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The Basic Elements of Public Speaking – Part II
Frank DiBartolomeo --  Presentation Coach For Technical Professionals Frank DiBartolomeo -- Presentation Coach For Technical Professionals
For Immediate Release:
Dateline: Centreville, VA
Sunday, July 24, 2022


“Feedback is a gift. Ideas are the currency of our next success. Let people see you value both feedback and ideas.”

– Jim Trinka and Les Wallace

Last week, I covered three basic elements of speaking that were in an interesting blog recently entitled The Basic Elements of Public Speaking. Again, this blog takes an interesting “50,000 foot” look at speaking.

Last week, we explored The Speaker, The Message, and The Audience. This week, we will explore The Channel, The Feedback, and The Noise.

The following are my thoughts on these basic elements of public speaking.

The Channel

The Channel is the method used by speakers to reach their audiences. This includes verbal, non-verbal, and kinesthetic (moving around).

We have explored these particular speaker channels of communication before, so I am not going to explore them further here other than to say these are the tools in a speaker’s “quiver.” Become excellent in them and you will have an engaged audience.

Let’s talk about another kind of speaker channel.

Before the COVID-19 virus appeared, you might have been thinking speakers only speak before live in-person audiences. You know by now, the COVID-19 virus changed all this.

Before COVID-19, I thought “Zoom” was a toddler’s program on PBS. Not anymore.

Remote speaking mostly through the Zoom platform has transformed the speaking industry. The year 2020 was a watershed year for virtual speaking and learning.

Terms such as “synchronous speaking” and “asynchronous speaking” and many others are now part of our everyday vernacular.

Of course, the Internet with You Tube was here way before the COVID-19 virus. With an Internet connection you could, pre-COVID-19, view a myriad of videos.

However, what has changed is the number of courses, seminars and live speaking the speaker now can choose from as their channel of communication.

There are a number of advantages of remote speaking: travel costs eliminated, reaching many more people, and audiences viewing speaking on-demand.

To be fair, there are disadvantages also – reduced body language means reduced communication, unstable Internet means intermittent communication, and the reduced advantage of not being in the same room with their audiences.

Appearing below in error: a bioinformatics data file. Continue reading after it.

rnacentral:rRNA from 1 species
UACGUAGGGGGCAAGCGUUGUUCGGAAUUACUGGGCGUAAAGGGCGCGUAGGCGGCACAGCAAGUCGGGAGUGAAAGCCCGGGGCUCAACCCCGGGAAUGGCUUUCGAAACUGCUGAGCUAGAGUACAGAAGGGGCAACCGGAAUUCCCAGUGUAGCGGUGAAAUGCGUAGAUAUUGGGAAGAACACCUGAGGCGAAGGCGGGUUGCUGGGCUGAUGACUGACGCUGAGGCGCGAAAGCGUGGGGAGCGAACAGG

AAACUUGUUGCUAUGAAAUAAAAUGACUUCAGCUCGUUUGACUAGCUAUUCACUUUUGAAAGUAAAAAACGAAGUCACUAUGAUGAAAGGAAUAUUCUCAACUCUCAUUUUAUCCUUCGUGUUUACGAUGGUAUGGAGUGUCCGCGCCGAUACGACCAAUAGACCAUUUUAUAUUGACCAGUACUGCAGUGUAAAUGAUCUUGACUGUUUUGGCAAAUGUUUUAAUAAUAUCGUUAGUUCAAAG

However, even with these disadvantages, speaking has been transformed by the option of virtuality.

So, certainly a speaker’s channel includes verbal, non-verbal, and kinesthetic tools of the trade while also including virtual speaking.

If you want to improve as a speaker, audience feedback is essential to improving your speaking craft.

The Feedback

Without feedback from your audience, your ability to improve your speaking would be like pushing a cannonball up a hill with your nose. This is next to impossible. Without feedback from your audience, it will be next to impossible for you to advance as a speaker.

There are many ways to obtain feedback from your audience.

The first type of feedback is the immediate feedback you receive from your audience during your presentation. This feedback includes frowns, smiles, applause to name a few.

Frowns should tell you the audience is not agreeing with your message. In this case, it would be good to ask your audience a question as to whether they agree with you or not and why or why not. You may then want to focus on this disagreement and Provide logic as to why your message is what it is.

Smiles are the universal agreement facial expression. It also indicates your audience is following you. This is important because a lost audience is a distracted audience not listening to your message.

Applause is the strongest indicator as to whether your audience agrees with you and is being entertained which is extremely important. Entertained audiences learn faster and retain more of your message. Don’t forget the entertainment factor in your message and delivery.